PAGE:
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5 Things You Probably Didn't Know About Mt. Everest_2

On September 29, 1988, Stacy Allison became the first American woman to reach the summit of Mount Everest, which is the highest point on earth. To celebrate this anniversary, here are five things you didn't know about Mount Everest...

Mount Everest Isn’t The Tallest Mountain

Technically, Mount Everest is the highest point on Earth, but that doesn’t make it the tallest mountain. Hawaii’s Mauna Kea is 33,465 feet tall, but the base of the mountain is under the ocean’s surface. Only 13,796 feet of Mauna Kea is above sea level, but it would be 4436 feet taller than Mount Everest if they were placed on an equal level.

Its Official Height Keeps Changing

The official height that both the Chinese and Nepalese governments recognize is 29,029 feet above sea level. But, in 1999 a National Geographic Team placed a GPS device on the summit and recorded the altitude as 29,035 feet. Then, in 2005, a Chinese team used even more precise instruments to measure the mountain. Their official measurement came in at 29,017 feet.  A joint Chinese-Nepalese team remeasured the mountain in May 2020 (taking advantage that the mountain was closed due to the pandemic). The teams had not yet publicly released new figures as of today.

Kami Rita Sherpa Holds An Astonishing Record

Climbing Everest is no small feat, and reaching the top remains a tremendous accomplishment. But for some people, climbing the mountain once just isn't enough. In fact, a climber by the name of Kami Rita Sherpa has been to the summit on 22 separate occasions, giving him the record for most successful attempts on the mountain.

The Oldest and Youngest Climbers Had a 67-Year Age Difference Between Them

Age is just a number when it comes to climbing Everest. Sure, most of those who travel to the mountain are experienced climbers in their 30's and 40's, but others certainly fall outside that age group. For instance, the record for the oldest climber to ever reach the summit is currently held by Yuichiro Miura of Japan, who was almost 81 years old. Sadly, Miura passed away on Everest while attempting to reach the summit once again at the age of 85. The youngest person to ever summit the mountain is American Jordan Romero, who was just 13 years old. Recently, the governments of Nepal and China have agreed to put age restrictions on climbers, requiring them to be at least 16 years old before attempting the mountain.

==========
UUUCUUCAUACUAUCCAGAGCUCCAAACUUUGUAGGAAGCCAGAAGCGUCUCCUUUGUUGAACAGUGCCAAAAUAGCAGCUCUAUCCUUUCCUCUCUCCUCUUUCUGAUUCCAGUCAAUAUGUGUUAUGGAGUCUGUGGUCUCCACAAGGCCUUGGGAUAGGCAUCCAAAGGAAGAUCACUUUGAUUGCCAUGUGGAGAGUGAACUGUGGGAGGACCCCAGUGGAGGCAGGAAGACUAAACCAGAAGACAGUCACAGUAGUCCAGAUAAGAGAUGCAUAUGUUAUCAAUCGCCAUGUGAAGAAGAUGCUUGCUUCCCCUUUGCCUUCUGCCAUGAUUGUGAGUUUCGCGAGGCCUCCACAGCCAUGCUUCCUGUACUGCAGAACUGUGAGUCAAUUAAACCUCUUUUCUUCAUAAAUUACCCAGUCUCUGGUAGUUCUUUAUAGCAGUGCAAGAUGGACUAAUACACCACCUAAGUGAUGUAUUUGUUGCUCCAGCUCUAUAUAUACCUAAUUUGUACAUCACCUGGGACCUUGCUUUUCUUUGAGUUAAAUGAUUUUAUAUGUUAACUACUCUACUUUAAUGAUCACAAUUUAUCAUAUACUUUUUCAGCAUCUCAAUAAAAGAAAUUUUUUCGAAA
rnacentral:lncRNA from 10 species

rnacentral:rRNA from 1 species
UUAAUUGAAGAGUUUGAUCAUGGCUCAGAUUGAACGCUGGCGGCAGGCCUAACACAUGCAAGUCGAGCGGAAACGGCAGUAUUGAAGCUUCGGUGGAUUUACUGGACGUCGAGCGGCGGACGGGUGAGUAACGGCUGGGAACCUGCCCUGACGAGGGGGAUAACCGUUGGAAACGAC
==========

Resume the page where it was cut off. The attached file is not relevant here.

The Records for Fastest Ascent and Descent Round Trip Occurred in Less Than a Day

Scaling Mount Everest is not easy, even when you've done it several times. However, a couple of brave souls have made the round-trip journey up and down the mountain in less than a day. On the northern, Tibetan side, Hans Kammerlander made it to the summit in 16 hours and 45 minutes in 1996. However, it's the southern, Nepalese side, that saw the absolute fastest ascent in 2003 when Lakpa Gelu Sherpa managed to get to the top in just 10 hours and 56 minutes. His whole round trip took only 18 hours and 20 minutes.

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5 Things You Probably Didn't Know About James Dean_2

On September 30, 1955, 24-year-old actor James Dean, died when the Porsche Spyder convertible he was driving struck another vehicle. Here are five things you probably didn't know about James Dean...

His First Professional Gig Was a Soft-Drink Commercial

Dean was still in school at UCLA when a well-connected fraternity brother brought him along to serve as an extra in a Pepsi-Cola commercial.  The next day, Dean filmed a second spot, in which he danced around a jukebox while singing a Pepsi jingle. Having made a favorable impression, the same producer then hired him to play John the Apostle in “Hill Number One,” a TV special that aired on Easter 1951. Though he had only a few lines, it was apparently enough for some high school girls to form a fan club for him: the Immaculate Heart James Dean Appreciation Society.